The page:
Floating-rate bonds are making an appearance in U.S. and European defined contribution portfolios as executives grapple with growing inflationary pressure, managers say.
In the current rate environment, life-cycle and target-date fund strategies, which typically hold government bonds or investment-grade corporate bonds, don't provide plan participants with the right level of protection against increases in inflation. As interest rates are set to move upward around the globe, plan executives are concerned that failing to achieve returns at least in line with inflation will erode retirement savings, consultants said.
"Inflation risk is higher now than few years ago and the original glidepath is too static because it starts derisking too late in the retirement journey," said Martijn Vos, managing director and partner, pensions and insurance, at risk management firm Ortec Finance, in Rotterdam, Netherlands.
These worries have DC plan executives taking another look at how they are protecting default portfolios against the detrimental effects of inflation, sources said. As they move closer to retirement, participants need more complex risk-reduction techniques to protect accumulated savings against incurring last-minute losses.
The point at which investors start to draw down savings matters, especially when interest rates are increasing. And as participants retire, inflation risks could be amplified as they dip into the retirement savings continuously rather than taking a lump sum, sources said.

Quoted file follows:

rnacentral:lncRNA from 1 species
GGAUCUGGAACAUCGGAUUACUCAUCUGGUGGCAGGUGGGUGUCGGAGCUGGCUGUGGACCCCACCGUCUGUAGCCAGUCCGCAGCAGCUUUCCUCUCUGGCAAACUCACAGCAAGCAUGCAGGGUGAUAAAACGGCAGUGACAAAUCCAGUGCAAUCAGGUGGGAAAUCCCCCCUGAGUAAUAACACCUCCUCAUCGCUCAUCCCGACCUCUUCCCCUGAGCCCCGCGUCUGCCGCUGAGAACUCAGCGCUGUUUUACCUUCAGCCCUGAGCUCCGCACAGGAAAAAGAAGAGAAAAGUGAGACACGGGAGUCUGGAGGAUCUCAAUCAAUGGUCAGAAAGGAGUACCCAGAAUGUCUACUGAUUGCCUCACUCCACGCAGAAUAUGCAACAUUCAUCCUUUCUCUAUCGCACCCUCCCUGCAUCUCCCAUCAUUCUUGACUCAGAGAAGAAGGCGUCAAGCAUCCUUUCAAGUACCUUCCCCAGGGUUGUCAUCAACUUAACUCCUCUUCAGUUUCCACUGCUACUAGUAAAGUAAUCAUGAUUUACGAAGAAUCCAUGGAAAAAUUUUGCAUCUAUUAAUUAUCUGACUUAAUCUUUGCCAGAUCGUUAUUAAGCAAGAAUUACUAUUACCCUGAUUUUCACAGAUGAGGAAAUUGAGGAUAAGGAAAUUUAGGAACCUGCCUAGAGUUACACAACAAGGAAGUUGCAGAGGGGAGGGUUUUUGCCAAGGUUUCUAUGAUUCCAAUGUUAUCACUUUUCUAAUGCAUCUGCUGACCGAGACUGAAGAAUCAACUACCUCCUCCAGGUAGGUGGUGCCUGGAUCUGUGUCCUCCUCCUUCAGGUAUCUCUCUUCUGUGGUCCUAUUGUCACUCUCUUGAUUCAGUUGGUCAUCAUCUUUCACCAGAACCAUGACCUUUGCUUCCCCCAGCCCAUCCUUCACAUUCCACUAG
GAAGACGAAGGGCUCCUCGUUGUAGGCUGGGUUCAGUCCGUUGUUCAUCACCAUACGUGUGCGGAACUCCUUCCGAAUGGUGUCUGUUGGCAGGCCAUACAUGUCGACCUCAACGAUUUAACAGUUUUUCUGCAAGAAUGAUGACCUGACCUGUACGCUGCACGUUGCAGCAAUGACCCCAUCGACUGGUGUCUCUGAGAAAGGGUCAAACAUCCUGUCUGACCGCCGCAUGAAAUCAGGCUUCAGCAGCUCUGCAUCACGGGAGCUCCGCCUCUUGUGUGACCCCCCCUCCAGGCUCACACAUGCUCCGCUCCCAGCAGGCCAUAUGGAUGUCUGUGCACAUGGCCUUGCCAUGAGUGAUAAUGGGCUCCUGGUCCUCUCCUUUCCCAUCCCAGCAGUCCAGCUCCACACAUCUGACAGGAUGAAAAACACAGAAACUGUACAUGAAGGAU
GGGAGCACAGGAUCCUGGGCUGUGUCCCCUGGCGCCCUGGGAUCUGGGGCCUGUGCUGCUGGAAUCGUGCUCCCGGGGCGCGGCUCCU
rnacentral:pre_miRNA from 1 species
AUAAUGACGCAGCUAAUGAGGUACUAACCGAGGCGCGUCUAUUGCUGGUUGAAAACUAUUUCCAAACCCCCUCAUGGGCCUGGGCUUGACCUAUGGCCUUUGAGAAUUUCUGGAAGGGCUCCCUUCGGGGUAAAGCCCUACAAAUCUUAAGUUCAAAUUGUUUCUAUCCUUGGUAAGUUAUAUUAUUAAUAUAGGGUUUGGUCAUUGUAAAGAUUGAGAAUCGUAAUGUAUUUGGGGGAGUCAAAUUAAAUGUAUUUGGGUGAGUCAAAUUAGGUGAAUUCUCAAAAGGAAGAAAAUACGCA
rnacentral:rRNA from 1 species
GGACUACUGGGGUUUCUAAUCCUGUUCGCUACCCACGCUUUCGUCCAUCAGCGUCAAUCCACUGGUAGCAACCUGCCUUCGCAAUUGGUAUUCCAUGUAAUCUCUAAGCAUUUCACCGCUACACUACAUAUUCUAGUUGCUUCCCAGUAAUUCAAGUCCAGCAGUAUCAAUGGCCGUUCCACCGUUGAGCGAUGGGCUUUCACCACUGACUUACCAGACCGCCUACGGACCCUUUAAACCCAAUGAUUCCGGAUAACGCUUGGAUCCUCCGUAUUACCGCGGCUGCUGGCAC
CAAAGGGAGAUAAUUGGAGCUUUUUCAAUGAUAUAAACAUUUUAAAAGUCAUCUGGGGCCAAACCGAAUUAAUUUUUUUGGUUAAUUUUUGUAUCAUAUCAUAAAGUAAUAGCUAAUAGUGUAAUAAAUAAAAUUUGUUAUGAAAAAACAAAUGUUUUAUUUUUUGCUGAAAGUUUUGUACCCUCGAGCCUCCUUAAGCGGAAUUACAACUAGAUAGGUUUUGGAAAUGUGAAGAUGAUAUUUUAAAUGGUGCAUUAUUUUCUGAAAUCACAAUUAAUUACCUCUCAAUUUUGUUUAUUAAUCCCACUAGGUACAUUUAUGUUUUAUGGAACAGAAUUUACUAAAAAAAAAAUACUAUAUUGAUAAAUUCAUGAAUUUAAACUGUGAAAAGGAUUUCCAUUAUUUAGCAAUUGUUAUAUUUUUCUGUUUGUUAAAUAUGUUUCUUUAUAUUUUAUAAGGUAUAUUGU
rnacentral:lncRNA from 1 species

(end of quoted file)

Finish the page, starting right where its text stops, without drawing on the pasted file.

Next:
"Clients are realizing that due to the market conditions, a hybrid glidepath with both descending and ascending elements is needed," Mr. Vos said.
Money managers running DC assets said floating-rate bonds such as high-yield debt, asset-backed securities, leveraged loans and Treasury inflation-protected securities can help shield portfolios against inflation because they have a shorter duration than other common fixed-income assets.
According to Morningstar Inc., flows into U.S. open-end funds investing in bank loans were at a three-year high, with total net assets at $125 billion as of March 31, and were up 7% year-over-year.
Worried about low returns
"Defined contribution plans are having the same concerns as defined benefit plans over lower returns as we move closer to the end of the 10-year cycle," said David Vickers, senior portfolio manager at Russell Investments in London.
"Clients want return above inflation and they have been moving up the risk spectrum," Mr. Vickers added. "We recommend high-yield debt, convertible bonds and asset-backed securities."
Matthew Maleri, partner and managing director, asset allocation, at Rocaton Investment Advisors in Norwalk, Conn., agreed. The demand for bank loans, leveraged loans and some floating-rate asset-backed securities from DC clients has been growing steadily in the U.S. in the past three years, Mr. Maleri said.
"We are seeing 1% to 2% higher inflation relative to where we have been in the last 10 years, so clients already make use of (floating-rate instruments)."
However, Fraser Lundie, co-head of credit at Hermes Investment Management in London, added that plans seeking to move to high yield from investment-grade securities could be unwisely combining decisions on interest-rate risk and credit quality.